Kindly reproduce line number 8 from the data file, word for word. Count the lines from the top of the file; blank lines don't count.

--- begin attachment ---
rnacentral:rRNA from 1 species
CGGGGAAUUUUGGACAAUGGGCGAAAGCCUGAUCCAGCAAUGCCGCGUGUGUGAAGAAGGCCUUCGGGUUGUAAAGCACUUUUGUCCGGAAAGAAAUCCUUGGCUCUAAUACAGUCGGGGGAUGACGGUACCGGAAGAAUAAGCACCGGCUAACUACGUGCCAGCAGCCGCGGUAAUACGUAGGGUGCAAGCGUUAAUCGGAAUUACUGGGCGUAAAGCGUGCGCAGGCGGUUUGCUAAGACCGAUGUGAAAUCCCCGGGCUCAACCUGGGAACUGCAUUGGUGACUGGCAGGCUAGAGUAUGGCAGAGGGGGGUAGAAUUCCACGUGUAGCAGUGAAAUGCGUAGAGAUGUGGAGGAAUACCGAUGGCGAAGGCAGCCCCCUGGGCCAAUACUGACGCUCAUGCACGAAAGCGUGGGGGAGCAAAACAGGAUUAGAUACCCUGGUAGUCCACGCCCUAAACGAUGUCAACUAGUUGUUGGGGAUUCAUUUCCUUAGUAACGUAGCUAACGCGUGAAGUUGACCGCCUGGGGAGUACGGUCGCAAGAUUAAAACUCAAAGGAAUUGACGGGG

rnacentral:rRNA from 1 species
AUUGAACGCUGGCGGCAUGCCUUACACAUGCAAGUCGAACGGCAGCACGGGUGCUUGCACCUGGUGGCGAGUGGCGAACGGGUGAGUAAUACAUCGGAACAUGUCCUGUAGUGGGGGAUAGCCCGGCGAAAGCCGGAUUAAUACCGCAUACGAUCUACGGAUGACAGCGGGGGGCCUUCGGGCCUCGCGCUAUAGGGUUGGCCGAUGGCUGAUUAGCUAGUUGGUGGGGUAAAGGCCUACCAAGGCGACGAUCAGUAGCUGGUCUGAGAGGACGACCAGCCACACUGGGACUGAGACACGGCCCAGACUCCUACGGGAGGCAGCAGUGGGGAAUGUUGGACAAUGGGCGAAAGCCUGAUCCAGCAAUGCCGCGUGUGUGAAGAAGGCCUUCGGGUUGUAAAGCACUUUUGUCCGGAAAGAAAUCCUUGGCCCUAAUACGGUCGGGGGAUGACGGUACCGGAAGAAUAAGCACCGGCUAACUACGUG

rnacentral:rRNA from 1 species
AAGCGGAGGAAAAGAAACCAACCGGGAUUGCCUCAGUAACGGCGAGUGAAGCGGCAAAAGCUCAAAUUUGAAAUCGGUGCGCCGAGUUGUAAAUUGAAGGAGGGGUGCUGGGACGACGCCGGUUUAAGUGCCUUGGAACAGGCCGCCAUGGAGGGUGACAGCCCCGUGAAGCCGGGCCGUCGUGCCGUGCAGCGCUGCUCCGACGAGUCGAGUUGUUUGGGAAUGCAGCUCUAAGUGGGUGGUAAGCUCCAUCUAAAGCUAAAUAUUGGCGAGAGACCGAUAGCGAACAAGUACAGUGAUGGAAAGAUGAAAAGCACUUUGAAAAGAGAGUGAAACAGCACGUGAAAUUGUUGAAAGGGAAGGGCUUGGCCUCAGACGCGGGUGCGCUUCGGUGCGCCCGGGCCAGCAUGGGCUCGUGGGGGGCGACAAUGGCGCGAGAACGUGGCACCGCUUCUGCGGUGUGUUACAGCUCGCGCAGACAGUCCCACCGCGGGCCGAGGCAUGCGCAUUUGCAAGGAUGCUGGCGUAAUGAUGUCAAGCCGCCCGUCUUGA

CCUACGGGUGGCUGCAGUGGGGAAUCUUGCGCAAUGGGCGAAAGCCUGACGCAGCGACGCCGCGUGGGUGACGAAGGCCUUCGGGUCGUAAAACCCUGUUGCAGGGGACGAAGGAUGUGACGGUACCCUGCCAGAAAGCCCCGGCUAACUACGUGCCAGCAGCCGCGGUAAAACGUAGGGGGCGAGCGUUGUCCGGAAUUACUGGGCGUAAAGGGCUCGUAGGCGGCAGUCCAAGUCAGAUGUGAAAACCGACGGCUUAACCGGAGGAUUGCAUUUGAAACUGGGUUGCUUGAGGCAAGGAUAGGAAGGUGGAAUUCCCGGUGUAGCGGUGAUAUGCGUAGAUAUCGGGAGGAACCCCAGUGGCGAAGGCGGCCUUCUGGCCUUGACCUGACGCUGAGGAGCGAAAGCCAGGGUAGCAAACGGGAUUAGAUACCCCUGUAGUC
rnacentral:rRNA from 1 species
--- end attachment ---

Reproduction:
rnacentral:rRNA from 1 species